Eloquent Sons of the South: A Handbook of Southern Oratory, Volume 1

Front Cover
John Temple Graves, Clark Howell, Walter Williams
Chapple Publishing Company, Limited, 1909 - Speeches, addresses, etc., American
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Page 10 - But there is no peace! The war is actually begun! The next gale that sweeps from the north will bring to our ears the clash of resounding arms! Our brethren are already in the field ! Why stand we here idle? What is it that gentlemen wish? What would they have? Is life so dear, or peace so sweet, as to be purchased at the price of chains and slavery? ' Forbid it, Almighty God ! I know not what course others may take; but as for me — give me liberty, or give me death!
Page 164 - ... can it be that good policy does not equally enjoin it ? It will be worthy of a free, enlightened, and at no distant period, a great nation, to give to mankind the magnanimous and too novel example of a people always guided by an exalted justice and benevolence. Who can doubt that, in the course of time and things, the fruits of such a plan would richly repay any temporary advantages which might be lost by a steady adherence to it ? Can it be that Providence has not connected the permanent felicity...
Page 168 - The great rule of conduct for us in regard to foreign nations is, in extending our commercial relations to have with them as little political connection as possible.
Page 152 - To the efficacy and permanency of your union a government for the whole is indispensable. No alliances, however strict, between the parts can be an adequate substitute. They must inevitably experience the infractions and interruptions which all alliances in all times have experienced. Sensible of this momentous truth, you have improved upon your first essay by the adoption of a Constitution of Government better calculated than your former for an intimate union and for the efficacious management of...
Page 157 - The alternate domination of one faction over another, sharpened by the spirit of revenge natural to party dissensions, which in different ages and countries has perpetrated the most horrid enormities, is itself a frightful despotism. But this leads at length to a more formal and permanent despotism. The disorders and miseries which result gradually incline the minds of men to seek security and repose in the absolute power of an individual...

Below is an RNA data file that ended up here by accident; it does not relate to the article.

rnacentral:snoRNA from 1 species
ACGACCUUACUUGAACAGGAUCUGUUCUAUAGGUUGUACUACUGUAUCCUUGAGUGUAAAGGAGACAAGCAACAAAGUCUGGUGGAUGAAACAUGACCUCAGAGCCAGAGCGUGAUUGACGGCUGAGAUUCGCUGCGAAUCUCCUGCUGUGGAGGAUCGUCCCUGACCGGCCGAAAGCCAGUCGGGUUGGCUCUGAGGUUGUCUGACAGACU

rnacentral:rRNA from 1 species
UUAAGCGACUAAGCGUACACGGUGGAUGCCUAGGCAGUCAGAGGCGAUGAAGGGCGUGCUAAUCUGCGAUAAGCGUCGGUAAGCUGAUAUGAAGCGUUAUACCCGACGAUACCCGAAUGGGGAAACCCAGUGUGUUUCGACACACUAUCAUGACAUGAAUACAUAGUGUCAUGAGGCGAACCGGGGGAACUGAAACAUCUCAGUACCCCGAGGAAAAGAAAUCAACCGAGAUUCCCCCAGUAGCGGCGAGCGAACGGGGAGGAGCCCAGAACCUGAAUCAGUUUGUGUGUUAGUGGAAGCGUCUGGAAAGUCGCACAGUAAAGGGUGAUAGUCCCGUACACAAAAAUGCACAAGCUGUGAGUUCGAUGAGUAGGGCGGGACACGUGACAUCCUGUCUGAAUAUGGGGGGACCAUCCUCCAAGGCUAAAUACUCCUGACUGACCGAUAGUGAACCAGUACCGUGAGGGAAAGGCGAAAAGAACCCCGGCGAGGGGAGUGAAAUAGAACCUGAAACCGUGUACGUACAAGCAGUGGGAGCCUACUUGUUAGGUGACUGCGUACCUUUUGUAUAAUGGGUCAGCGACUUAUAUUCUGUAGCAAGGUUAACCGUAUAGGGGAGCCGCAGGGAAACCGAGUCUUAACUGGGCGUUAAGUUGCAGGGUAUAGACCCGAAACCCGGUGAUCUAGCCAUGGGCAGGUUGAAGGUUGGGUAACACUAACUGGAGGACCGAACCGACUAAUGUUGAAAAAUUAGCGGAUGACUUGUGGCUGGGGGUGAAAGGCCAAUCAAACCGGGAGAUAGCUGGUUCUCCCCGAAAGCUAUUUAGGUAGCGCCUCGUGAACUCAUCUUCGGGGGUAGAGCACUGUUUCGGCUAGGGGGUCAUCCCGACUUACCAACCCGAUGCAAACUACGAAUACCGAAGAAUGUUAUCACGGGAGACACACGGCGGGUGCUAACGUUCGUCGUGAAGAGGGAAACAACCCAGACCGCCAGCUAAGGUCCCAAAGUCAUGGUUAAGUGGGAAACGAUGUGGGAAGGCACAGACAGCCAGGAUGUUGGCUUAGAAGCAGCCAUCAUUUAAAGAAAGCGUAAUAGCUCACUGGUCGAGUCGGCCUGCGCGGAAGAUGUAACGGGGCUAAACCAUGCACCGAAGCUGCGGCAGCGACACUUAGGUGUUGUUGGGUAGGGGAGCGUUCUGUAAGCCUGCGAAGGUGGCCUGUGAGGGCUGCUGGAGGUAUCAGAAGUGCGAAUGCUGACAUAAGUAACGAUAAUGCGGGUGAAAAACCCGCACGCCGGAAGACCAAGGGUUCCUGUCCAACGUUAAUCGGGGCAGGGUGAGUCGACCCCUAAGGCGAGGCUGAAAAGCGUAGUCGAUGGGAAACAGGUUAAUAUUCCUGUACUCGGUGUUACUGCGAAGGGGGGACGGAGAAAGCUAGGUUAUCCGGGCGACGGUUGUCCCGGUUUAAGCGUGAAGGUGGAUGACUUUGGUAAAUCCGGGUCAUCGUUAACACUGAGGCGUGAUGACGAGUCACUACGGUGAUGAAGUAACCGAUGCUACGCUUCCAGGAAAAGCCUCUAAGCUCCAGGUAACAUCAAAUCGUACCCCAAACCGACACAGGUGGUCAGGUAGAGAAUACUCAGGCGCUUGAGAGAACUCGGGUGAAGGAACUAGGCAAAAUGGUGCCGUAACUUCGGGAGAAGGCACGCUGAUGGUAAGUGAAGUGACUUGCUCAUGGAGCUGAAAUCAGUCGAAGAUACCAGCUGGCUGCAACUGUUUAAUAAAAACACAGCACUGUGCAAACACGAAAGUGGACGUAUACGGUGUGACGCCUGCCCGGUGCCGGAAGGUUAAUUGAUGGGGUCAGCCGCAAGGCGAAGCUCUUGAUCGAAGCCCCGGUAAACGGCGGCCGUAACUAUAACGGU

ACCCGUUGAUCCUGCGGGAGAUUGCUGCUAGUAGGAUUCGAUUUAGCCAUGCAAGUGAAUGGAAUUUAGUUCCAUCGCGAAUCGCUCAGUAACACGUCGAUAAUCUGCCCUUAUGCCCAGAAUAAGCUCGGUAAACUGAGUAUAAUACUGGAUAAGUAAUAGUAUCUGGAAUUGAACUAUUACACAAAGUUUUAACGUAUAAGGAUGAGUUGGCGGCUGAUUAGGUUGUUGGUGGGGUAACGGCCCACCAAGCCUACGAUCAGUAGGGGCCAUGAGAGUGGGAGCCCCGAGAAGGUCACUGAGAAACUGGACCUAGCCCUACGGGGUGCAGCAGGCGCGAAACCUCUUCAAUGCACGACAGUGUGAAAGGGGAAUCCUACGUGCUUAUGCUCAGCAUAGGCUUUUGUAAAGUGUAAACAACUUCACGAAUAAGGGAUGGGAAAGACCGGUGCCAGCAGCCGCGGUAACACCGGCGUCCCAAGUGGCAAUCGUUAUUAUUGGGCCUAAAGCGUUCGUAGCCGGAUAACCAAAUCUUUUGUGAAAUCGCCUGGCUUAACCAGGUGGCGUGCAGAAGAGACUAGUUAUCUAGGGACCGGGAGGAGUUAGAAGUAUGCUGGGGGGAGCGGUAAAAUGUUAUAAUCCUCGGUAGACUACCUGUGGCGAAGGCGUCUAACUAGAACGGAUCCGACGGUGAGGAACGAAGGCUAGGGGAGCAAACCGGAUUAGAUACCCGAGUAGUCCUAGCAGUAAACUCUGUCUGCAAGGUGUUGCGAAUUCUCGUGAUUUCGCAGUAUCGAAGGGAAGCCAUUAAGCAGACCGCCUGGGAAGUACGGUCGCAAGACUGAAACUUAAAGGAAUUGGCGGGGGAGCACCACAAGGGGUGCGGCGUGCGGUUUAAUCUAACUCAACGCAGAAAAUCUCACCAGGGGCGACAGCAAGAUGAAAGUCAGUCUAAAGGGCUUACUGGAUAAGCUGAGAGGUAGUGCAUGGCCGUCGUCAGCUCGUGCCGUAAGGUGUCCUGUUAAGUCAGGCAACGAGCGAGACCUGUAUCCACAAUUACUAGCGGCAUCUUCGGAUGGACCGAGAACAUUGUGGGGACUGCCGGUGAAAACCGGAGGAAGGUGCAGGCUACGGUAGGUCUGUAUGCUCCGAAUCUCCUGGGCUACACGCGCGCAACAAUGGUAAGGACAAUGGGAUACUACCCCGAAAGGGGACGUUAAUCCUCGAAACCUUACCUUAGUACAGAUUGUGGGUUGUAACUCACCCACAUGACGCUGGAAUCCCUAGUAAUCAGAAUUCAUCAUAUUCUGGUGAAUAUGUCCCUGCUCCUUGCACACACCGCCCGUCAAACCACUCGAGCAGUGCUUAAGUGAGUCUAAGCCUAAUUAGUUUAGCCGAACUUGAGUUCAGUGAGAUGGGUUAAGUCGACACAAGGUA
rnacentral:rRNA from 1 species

Page 88 - Still one thing more, fellow-citizens: a wise and frugal government, which shall restrain men from injuring one another, shall leave them otherwise free to regulate their own pursuits of industry and improvement, and shall not take from the mouth of labor the bread it has earned.
Page 23 - That government is, or ought to be, instituted for the common benefit, protection, and security, of the people, nation, or community...
Page 172 - In relation to the still subsisting War in Europe, my Proclamation of the 22d of April 1793 is the index to my plan. — Sanctioned by your approving voice and by that of Your Representatives in both Houses of Congress, the spirit of that measure has continually governed me : — uninfluenced by any attempts to deter or divert me from it. After deliberate examination with the...
Page 87 - I know indeed that some honest men fear that a republican government cannot be strong ; that this government is not strong enough. But would the honest patriot, in the full tide of successful experiment, abandon a government which has so far kept us free and firm, on the theoretic and visionary fear that this government, the world's best hope, may by possibility want energy to preserve itself? I trust not. I believe this, on the contrary, the strongest government on earth.
Page 84 - During the contest of opinion through which we have passed, the animation of discussions and of exertions has sometimes worn an aspect which might impose on strangers unused to think freely, and to speak and to write what they think; but this being now decided by the voice of the nation, announced according to the rules of the constitution all will of course arrange themselves under the will of the law, and unite in common efforts for the common good.

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